What is Electronic Waste AKA eWaste?
Electronic waste, also known as eWaste, is a common term referring to electronic product that has reach the end of its “useful life.” It is electronic equipment that has become obsolete, outdated, or broken.
eWaste is one of the fastest growing waste streams, especially here in the United States. In our effort to create a more sustainable future for our community, we have listed 10 tips for eWaste recycling.
1.) If you have something you are thinking of getting rid of, first check if it still works. If it does, think about donating your equipment to a local charity, church, school, or non-profit group.
2.) If this is a personal item, you can also consider selling it to a friend or on platforms such as eBay or craigslist.
3.) If you are a business consider working with an Asset Recovery facility, such as Allied Computer Brokers, which can help you recover the residual value of your equipment.
4.) If you have decided your equipment no longer has a useful life, is nonworking, or just cannot be resold, take a few extra minutes to ensure you find a reputable recycling facility.
5.) If you are recycling a cell phone, make sure you factory reset the phone to delete all personal information. Also, make sure to remove your sim card which also contains personal information.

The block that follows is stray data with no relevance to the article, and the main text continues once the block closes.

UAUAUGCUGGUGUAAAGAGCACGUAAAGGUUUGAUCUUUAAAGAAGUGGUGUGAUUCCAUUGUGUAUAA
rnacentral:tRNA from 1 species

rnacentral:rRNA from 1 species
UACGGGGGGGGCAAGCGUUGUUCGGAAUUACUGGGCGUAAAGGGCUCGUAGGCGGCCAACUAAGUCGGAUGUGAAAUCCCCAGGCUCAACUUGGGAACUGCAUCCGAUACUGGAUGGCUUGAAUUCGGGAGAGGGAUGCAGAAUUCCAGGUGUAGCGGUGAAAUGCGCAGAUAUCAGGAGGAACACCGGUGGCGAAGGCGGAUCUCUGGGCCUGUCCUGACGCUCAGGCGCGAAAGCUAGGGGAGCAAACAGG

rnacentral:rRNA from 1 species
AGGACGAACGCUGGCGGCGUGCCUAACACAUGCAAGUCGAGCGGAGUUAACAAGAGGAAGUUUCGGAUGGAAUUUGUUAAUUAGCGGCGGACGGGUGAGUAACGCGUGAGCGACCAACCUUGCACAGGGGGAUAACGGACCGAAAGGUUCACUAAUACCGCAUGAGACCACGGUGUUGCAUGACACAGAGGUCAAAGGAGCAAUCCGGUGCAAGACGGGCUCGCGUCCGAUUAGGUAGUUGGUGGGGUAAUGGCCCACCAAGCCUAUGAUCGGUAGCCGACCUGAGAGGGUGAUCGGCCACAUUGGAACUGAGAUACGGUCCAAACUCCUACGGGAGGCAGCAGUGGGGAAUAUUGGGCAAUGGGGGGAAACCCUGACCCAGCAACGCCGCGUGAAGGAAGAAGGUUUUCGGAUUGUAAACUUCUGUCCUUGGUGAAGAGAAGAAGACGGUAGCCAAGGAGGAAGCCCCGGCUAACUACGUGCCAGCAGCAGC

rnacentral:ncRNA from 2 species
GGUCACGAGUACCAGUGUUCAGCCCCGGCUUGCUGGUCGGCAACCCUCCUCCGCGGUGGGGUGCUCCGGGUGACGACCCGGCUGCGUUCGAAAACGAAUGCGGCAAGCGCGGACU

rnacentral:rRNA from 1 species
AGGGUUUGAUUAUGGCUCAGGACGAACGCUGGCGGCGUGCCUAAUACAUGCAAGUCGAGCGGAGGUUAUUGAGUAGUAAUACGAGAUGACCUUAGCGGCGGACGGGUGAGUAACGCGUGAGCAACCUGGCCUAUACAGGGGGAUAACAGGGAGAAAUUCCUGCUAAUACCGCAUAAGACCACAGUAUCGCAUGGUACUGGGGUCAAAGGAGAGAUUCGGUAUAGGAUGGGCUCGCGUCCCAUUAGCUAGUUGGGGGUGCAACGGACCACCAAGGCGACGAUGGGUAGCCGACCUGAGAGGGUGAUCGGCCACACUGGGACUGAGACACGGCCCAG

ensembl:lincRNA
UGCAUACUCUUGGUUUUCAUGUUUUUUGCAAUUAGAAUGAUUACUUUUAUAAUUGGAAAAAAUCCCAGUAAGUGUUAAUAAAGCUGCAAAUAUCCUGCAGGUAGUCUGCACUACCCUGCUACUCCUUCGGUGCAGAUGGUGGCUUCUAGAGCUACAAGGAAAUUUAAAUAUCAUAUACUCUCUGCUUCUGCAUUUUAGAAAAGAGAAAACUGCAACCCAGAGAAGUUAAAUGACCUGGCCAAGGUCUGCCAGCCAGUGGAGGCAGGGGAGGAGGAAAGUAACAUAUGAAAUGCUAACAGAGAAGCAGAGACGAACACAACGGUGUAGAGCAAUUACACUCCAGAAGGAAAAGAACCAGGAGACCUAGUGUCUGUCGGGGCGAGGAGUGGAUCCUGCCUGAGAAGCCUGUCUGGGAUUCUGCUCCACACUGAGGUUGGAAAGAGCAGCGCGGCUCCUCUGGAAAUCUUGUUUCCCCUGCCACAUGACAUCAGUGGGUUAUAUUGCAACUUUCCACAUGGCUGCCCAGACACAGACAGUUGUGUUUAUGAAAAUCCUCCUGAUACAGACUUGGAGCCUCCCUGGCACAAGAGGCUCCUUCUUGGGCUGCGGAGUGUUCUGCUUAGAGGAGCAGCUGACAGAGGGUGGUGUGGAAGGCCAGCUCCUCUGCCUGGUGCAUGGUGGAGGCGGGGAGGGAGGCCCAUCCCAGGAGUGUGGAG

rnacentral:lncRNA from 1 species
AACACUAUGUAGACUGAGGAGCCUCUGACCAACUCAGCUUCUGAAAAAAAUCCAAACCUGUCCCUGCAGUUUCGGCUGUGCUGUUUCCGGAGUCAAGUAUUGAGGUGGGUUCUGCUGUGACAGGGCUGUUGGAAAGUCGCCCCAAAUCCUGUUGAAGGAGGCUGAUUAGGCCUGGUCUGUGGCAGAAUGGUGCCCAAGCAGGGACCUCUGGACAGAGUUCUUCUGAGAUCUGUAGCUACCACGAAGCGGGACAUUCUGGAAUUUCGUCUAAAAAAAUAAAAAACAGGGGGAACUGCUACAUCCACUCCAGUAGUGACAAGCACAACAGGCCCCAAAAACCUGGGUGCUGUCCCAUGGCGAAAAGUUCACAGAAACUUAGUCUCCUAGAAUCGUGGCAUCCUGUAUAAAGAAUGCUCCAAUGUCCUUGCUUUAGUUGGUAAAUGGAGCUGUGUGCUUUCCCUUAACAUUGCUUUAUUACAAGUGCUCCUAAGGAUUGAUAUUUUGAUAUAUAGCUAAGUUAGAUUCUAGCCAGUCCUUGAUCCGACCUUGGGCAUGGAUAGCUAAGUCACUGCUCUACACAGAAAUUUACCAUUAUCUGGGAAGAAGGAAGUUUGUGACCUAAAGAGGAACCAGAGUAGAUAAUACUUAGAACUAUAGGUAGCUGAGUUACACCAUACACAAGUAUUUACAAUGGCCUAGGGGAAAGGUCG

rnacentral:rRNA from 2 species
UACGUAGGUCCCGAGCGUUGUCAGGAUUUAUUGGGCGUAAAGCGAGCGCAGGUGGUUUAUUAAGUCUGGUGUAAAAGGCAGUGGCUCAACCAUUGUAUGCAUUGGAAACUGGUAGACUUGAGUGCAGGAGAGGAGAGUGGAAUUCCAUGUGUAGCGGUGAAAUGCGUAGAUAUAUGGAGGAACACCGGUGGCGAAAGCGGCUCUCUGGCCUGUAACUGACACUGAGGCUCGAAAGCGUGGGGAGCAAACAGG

6.)If you are recycling a computer or laptop, which contains a hard drive, make sure you back up the information onto an external hard drive or flash drive.
7.) You can choose to either remove the hard drive from the computer you are recycling or at least ask about your recycling companies hard drive destruction process and request a Certificate of Destruction.
8.) Do some research online or check your local newspaper for any electronics recycling events or fundraisers, there may be opportunities to recycle your items at a cheaper rate, while helping a good cause.
9.) If you see someone offering “free recycling,” be careful. We all understand the desire to save money, but certain items have a cost to recycle, and someone who does it for free may not always be handling your equipment in an environmentally friendly manner.
10.) If you are a Massachusetts resident and are having trouble finding a local recycling facility, you can check out www.recyclingworksma.com. It will help you find a recycling facility that is closest to you.
We hope these tips are helpful. If you need additional information, whether it is for personal use or business, feel free to contact ACB. We are always happy to help with any kind of recycling matters. Simply email firstname.lastname@example.org